Black Burns

It is the premise of conceptual art, presumably, that artists conceive of a project they can then get others to do. Looking across the Great Hall of the Scottish National Portrait Gallery at John Flaxman’s white marbled statue of Scotland’s bard, glorifying Robert Burns as something heroic and pure, one feels Douglas Gordon’s vision of the possibilities for something darker.

With Black Burns, Gordon offsets the Flaxman piece, commissioned as the deification of Burns’ immortal memory proceeded apace in the early 19th Century, with the violently shattered pieces of its black mirror image. The effect is jagged on the eye, literally edgy – the dark shards so sharp that they will need to be roped off from unwary visitors.

Douglas Gordon Scottish National Portrait Gallery

Douglas Gordon’s Black Burns with original Flaxman monument

For the work Gordon enlisted the services of sculptor Martin Foot, who from his studio in Pietrasanta, Italy replicates and restores sculptures in all manner of materials for museums, public works and private collectors – from reproductions of the greats to children’s portraits. Combining 3D scans and traditional carving techniques, Foot produced a perfect copy of the Flaxman sculpture, though with the rose held in the left hand rather than the white. It was then drilled with five holes with wedges hammered in.

The SNGP’s chief curator, Julie Lawson, who was there for the breaking, describes the stone seeming to sigh, before it split “in a great explosion”. The likes of Jeremy Paxman might dismiss Burns for writing doggerel but Gordon’s piece is about shadowing and shattering a national icon – exploring how monuments don’t deal with Burns’ character, complexity, and subleties.

Robert Burns, Douglas Gordon, Scottish National Portrait Gallery

View from above: Douglas Gordon’s Black Burns in the Scottish National Portrait Gallery Grand Hall

It reflects Burns’ divided soul, with the antithesis of the original monument.The lighting of the original Flaxman sculpture, commissioned in 1824, has been adjusted to highlight a pedestal in w hich a virginal poetic muse lays a wreath on Burns’ head. The poet is more often celebrated on Burns night these days as a compulsive philanderer.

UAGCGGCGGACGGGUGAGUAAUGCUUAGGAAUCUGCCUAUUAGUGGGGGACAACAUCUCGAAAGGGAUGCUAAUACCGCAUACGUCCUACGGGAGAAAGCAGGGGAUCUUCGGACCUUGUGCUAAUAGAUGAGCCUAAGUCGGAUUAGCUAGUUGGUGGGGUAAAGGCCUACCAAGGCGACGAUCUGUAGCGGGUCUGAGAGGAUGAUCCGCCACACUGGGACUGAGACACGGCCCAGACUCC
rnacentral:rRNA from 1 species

A second piece in the portrait gallery by Gordon’s fellow Scot Graham Fagan, The Slaves’ Lament, draws attention to the dark side, with a film work featured in the Venice Biennale. Burns may have espoused the abolitionist cause in one poem, but his plan to travel to Jamaica to take a job managing the slave economy, scholars now say, was only scotched by the success of his first published volume of poems. While the Flaxman monument was ‘Erected by prescription originating at Bombay and warmly promoted in all parts of the British empire”, as the pedestal records, Scotland’s bard had died in penury.

Born in Liverpool, Foot moved to Italy in 1997, and from his workshop one can see the mountains where Michelangelo excavated the Carrara stone for the Medici Tombs. The Burns piece used Spanish marble, the raw severed grain surprisingly grey when it’s not polished to black.

The project began when Gordon visited the SNPG to talk about exhibiting an existing work, his K 364, but saw the flowers laid on the monument from Burns Night. About two years later Lawson joined the team for “the breaking”. “There was a flaw in the marble and we knew that would probably be one of the breaks.  We knew it would break catastrophically, it was held in swings so it wouldn’t fall off the ground, but it broke into four perfect pieces,” she said. “Because of his flaw it broke right across the torso, right across where his heart would be.  It was astonishing.”

The installation in the gallery went down to the wire, finished “seconds” before the opening. “The work of art is not just the final installation here but the whole process.   Every stage has been part of the poetry,” she said.

The sculptor, Foot, had told her he would be “heart-broken”. “But that’s the point, the whole point,” she said. “I don’t think it’s meant to be critical of Burns but it is to do with being a human being.  It’s a self portrait as well.” The Scottish National Portrait Gallery director, Christopher Baker, described it as an “extraordinary , powerful , provocative installation”.

The Bard is dead…long live the Bard.

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